At the end of the novel, several months after the deaths of Old Dan and Little Ann, Billy Colman and his family prepare to move out of their Ozark mountain home and pursue a new life in town. As the family packs up their buggy to leave, Billy pays one last visit to his beloved hounds’ graves—and sees that a beautiful red fern has sprouted between them. According to “old Indian legend,” the red fern first sprouted where a young boy and girl froze to death while lost in a blizzard—rumor has it that “only an angel” can plant the seeds of the red fern in order to mark a “sacred” spot.
The red fern, then, comes to symbolize the sanctity of the spirit and the possibility of rebirth and renewal in the face of death and loss. Seeing the sacred fern upon his dogs’ graves allows Billy to make peace with their deaths at last—an integral part of his coming-of-age journey and his understanding of the circle of life—and prepare to move on from his boyhood home and his childish notions of life and death. “Part of my life is buried there too,” the older Billy says of his dogs’ graves at the end of the novel. With this, the sprouting of the red fern both externalizes and symbolizes the “death” of a “Part of [Billy’s] life” so that a new chapter can begin and a new understanding of the world can take root and grow.
The Red Fern Quotes in Where the Red Fern Grows
'Don't touch it, Mama," my oldest sister whispered. "It was planted by an angel."
Mama smiled and asked, "Have you heard the legend?"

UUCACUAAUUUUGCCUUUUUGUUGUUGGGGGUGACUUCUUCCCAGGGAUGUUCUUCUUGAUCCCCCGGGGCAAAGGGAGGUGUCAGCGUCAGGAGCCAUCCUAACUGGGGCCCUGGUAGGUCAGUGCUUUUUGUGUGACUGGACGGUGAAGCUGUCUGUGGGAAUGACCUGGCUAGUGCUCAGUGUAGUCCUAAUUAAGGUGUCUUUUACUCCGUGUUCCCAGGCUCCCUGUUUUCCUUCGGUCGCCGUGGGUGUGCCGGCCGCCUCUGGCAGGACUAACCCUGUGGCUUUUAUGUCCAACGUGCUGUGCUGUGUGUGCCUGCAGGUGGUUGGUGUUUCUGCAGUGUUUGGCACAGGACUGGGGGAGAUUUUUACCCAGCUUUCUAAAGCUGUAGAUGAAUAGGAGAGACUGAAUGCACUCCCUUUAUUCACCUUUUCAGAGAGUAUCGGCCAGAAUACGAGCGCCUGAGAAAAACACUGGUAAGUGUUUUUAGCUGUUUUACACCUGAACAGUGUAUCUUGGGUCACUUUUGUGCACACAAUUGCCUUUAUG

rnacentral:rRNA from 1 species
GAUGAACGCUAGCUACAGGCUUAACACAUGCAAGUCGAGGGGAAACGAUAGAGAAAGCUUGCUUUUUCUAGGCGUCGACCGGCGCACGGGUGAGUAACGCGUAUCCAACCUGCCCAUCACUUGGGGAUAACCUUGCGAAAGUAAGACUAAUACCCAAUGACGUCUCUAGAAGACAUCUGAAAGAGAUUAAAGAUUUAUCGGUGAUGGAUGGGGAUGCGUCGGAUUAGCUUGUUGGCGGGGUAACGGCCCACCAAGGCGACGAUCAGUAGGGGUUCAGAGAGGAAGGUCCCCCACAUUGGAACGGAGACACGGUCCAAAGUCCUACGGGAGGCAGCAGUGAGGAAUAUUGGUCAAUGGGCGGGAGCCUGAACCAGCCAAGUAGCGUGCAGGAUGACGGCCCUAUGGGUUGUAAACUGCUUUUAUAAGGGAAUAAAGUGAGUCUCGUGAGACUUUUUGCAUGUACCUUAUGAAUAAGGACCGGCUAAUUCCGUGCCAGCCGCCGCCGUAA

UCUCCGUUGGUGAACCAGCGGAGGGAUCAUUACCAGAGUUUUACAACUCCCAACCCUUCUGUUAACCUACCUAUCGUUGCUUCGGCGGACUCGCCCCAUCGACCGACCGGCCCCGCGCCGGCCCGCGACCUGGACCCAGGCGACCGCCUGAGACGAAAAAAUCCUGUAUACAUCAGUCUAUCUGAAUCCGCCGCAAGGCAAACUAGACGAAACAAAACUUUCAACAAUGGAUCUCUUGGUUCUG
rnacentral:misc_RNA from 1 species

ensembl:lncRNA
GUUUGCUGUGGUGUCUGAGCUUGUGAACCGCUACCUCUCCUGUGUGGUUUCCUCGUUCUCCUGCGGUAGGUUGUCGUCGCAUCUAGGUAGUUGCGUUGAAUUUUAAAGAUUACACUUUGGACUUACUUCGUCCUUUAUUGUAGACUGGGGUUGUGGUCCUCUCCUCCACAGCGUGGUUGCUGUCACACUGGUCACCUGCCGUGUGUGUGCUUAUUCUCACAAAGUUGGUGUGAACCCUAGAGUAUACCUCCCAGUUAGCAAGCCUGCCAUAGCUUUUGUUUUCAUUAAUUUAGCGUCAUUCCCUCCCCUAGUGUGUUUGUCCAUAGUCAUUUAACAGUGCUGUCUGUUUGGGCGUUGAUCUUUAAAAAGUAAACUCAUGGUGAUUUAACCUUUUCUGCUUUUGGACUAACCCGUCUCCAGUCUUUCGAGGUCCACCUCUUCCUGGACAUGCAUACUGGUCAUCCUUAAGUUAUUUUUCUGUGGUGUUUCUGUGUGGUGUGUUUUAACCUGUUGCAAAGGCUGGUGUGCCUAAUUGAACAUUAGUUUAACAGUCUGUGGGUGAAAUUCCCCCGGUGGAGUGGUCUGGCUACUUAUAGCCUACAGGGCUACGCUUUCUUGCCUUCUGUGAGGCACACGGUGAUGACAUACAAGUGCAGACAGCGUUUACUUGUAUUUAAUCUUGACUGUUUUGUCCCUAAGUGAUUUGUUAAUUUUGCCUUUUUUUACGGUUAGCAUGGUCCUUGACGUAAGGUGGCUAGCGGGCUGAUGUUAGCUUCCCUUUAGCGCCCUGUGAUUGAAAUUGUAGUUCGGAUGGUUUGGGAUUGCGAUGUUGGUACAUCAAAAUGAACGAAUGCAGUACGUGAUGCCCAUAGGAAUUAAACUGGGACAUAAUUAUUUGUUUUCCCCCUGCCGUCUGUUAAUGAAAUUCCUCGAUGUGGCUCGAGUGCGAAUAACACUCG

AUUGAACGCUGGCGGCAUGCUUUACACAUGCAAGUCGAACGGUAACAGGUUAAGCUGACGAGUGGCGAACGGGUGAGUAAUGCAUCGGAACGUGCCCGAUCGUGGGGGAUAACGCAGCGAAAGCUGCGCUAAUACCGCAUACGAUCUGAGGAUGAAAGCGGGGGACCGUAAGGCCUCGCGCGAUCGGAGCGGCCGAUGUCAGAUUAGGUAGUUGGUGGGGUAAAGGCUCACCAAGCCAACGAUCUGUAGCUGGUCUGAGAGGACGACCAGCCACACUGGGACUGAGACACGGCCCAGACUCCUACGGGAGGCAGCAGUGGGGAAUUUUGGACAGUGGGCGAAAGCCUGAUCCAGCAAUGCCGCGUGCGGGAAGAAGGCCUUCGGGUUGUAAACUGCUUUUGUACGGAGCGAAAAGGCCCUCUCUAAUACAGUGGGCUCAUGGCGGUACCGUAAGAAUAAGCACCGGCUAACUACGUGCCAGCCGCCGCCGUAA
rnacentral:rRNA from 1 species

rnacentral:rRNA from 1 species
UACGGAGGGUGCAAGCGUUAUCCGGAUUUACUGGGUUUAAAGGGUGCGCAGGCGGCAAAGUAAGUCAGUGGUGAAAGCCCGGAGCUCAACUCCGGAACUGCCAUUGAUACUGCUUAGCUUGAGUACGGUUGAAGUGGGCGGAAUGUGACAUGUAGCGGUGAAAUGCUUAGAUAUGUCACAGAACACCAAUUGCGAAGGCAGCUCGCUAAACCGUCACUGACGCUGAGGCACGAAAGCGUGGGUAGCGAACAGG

'Yes, Mama," my sister said. “Grandma told me the story and I believe it, too."
With a serious look on his face, Papa said, "These hills are full of legends. Up until now I've never paid much attention to them, but now I don't know. Perhaps there is something to the legend of the red fern. Maybe this is God's way of helping Billy understand why his dogs died."
“I’m sure it is, Papa," I said, "and I do understand. I feel different now, and I don't hurt any more."
I have never been back to the Ozarks. All I have left are my dreams and memories, but if God is willing, some day I'd like to go back-back to those beautiful hills. I'd like to walk again on trails I walked in my boyhood days.
[…] I'm sure the red fern has grown and has completely covered the two little mounds. I know it is still there, hiding its secret beneath those long, red leaves, but it wouldn't be hidden from me for part of my life is buried there, too.